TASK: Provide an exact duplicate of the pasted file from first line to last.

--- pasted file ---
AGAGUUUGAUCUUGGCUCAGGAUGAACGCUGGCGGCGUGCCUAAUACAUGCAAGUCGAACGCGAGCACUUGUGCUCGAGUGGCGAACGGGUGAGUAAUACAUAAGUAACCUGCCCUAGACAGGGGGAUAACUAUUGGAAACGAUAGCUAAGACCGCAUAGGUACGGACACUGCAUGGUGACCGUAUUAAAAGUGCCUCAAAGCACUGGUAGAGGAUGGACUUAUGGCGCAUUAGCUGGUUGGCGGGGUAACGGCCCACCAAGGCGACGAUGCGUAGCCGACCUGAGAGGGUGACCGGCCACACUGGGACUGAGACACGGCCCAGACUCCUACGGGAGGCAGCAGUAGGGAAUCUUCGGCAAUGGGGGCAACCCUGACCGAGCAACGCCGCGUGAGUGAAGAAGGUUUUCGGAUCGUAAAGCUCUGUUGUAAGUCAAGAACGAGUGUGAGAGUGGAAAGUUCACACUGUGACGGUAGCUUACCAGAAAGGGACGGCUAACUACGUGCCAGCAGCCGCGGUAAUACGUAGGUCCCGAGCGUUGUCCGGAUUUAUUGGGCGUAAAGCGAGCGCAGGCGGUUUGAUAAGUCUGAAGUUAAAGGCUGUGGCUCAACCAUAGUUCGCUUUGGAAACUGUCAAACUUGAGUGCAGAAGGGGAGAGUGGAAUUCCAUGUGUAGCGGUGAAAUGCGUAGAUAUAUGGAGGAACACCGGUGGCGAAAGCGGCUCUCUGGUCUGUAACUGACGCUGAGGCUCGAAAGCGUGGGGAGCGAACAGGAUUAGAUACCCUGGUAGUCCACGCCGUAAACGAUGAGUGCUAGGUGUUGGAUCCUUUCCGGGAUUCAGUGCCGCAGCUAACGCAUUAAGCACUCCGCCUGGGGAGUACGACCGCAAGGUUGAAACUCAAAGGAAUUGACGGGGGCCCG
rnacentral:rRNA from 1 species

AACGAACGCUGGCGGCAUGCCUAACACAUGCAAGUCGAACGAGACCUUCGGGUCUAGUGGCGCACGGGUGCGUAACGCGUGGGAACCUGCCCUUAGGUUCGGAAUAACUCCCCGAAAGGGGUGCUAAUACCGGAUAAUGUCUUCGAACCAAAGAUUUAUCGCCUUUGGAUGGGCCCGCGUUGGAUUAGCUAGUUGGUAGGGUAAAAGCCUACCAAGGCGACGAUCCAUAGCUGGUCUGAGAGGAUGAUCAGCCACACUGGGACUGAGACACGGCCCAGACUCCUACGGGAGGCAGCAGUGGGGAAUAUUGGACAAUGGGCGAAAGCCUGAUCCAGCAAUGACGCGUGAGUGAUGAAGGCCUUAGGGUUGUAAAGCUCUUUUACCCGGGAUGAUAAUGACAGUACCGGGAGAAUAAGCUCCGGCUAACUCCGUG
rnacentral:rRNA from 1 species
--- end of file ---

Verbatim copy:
AGAGUUUGAUCUUGGCUCAGGAUGAACGCUGGCGGCGUGCCUAAUACAUGCAAGUCGAACGCGAGCACUUGUGCUCGAGUGGCGAACGGGUGAGUAAUACAUAAGUAACCUGCCCUAGACAGGGGGAUAACUAUUGGAAACGAUAGCUAAGACCGCAUAGGUACGGACACUGCAUGGUGACCGUAUUAAAAGUGCCUCAAAGCACUGGUAGAGGAUGGACUUAUGGCGCAUUAGCUGGUUGGCGGGGUAACGGCCCACCAAGGCGACGAUGCGUAGCCGACCUGAGAGGGUGACCGGCCACACUGGGACUGAGACACGGCCCAGACUCCUACGGGAGGCAGCAGUAGGGAAUCUUCGGCAAUGGGGGCAACCCUGACCGAGCAACGCCGCGUGAGUGAAGAAGGUUUUCGGAUCGUAAAGCUCUGUUGUAAGUCAAGAACGAGUGUGAGAGUGGAAAGUUCACACUGUGACGGUAGCUUACCAGAAAGGGACGGCUAACUACGUGCCAGCAGCCGCGGUAAUACGUAGGUCCCGAGCGUUGUCCGGAUUUAUUGGGCGUAAAGCGAGCGCAGGCGGUUUGAUAAGUCUGAAGUUAAAGGCUGUGGCUCAACCAUAGUUCGCUUUGGAAACUGUCAAACUUGAGUGCAGAAGGGGAGAGUGGAAUUCCAUGUGUAGCGGUGAAAUGCGUAGAUAUAUGGAGGAACACCGGUGGCGAAAGCGGCUCUCUGGUCUGUAACUGACGCUGAGGCUCGAAAGCGUGGGGAGCGAACAGGAUUAGAUACCCUGGUAGUCCACGCCGUAAACGAUGAGUGCUAGGUGUUGGAUCCUUUCCGGGAUUCAGUGCCGCAGCUAACGCAUUAAGCACUCCGCCUGGGGAGUACGACCGCAAGGUUGAAACUCAAAGGAAUUGACGGGGGCCCG
rnacentral:rRNA from 1 species

AACGAACGCUGGCGGCAUGCCUAACACAUGCAAGUCGAACGAGACCUUCGGGUCUAGUGGCGCACGGGUGCGUAACGCGUGGGAACCUGCCCUUAGGUUCGGAAUAACUCCCCGAAAGGGGUGCUAAUACCGGAUAAUGUCUUCGAACCAAAGAUUUAUCGCCUUUGGAUGGGCCCGCGUUGGAUUAGCUAGUUGGUAGGGUAAAAGCCUACCAAGGCGACGAUCCAUAGCUGGUCUGAGAGGAUGAUCAGCCACACUGGGACUGAGACACGGCCCAGACUCCUACGGGAGGCAGCAGUGGGGAAUAUUGGACAAUGGGCGAAAGCCUGAUCCAGCAAUGACGCGUGAGUGAUGAAGGCCUUAGGGUUGUAAAGCUCUUUUACCCGGGAUGAUAAUGACAGUACCGGGAGAAUAAGCUCCGGCUAACUCCGUG
rnacentral:rRNA from 1 species